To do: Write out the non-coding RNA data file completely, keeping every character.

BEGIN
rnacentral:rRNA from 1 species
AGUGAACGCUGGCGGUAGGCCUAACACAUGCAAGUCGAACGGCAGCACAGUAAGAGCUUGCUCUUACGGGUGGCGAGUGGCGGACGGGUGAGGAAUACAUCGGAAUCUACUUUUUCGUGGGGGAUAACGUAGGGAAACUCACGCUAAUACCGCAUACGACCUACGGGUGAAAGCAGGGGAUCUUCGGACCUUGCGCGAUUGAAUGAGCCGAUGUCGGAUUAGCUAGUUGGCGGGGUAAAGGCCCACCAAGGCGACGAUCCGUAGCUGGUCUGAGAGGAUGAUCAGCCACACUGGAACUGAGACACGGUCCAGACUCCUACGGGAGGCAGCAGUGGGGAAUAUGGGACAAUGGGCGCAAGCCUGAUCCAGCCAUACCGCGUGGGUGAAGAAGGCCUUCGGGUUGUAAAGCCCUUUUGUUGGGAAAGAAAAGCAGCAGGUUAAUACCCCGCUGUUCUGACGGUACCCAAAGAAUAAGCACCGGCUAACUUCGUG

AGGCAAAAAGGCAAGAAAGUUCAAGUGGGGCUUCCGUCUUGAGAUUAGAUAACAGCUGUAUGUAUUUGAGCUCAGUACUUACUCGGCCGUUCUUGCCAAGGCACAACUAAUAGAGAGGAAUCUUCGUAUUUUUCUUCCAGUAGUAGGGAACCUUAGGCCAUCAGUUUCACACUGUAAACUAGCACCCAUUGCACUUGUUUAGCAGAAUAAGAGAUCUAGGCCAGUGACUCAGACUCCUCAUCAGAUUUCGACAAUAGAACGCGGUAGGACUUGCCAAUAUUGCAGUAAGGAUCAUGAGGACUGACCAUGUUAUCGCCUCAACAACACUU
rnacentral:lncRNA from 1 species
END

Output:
rnacentral:rRNA from 1 species
AGUGAACGCUGGCGGUAGGCCUAACACAUGCAAGUCGAACGGCAGCACAGUAAGAGCUUGCUCUUACGGGUGGCGAGUGGCGGACGGGUGAGGAAUACAUCGGAAUCUACUUUUUCGUGGGGGAUAACGUAGGGAAACUCACGCUAAUACCGCAUACGACCUACGGGUGAAAGCAGGGGAUCUUCGGACCUUGCGCGAUUGAAUGAGCCGAUGUCGGAUUAGCUAGUUGGCGGGGUAAAGGCCCACCAAGGCGACGAUCCGUAGCUGGUCUGAGAGGAUGAUCAGCCACACUGGAACUGAGACACGGUCCAGACUCCUACGGGAGGCAGCAGUGGGGAAUAUGGGACAAUGGGCGCAAGCCUGAUCCAGCCAUACCGCGUGGGUGAAGAAGGCCUUCGGGUUGUAAAGCCCUUUUGUUGGGAAAGAAAAGCAGCAGGUUAAUACCCCGCUGUUCUGACGGUACCCAAAGAAUAAGCACCGGCUAACUUCGUG

AGGCAAAAAGGCAAGAAAGUUCAAGUGGGGCUUCCGUCUUGAGAUUAGAUAACAGCUGUAUGUAUUUGAGCUCAGUACUUACUCGGCCGUUCUUGCCAAGGCACAACUAAUAGAGAGGAAUCUUCGUAUUUUUCUUCCAGUAGUAGGGAACCUUAGGCCAUCAGUUUCACACUGUAAACUAGCACCCAUUGCACUUGUUUAGCAGAAUAAGAGAUCUAGGCCAGUGACUCAGACUCCUCAUCAGAUUUCGACAAUAGAACGCGGUAGGACUUGCCAAUAUUGCAGUAAGGAUCAUGAGGACUGACCAUGUUAUCGCCUCAACAACACUU
rnacentral:lncRNA from 1 species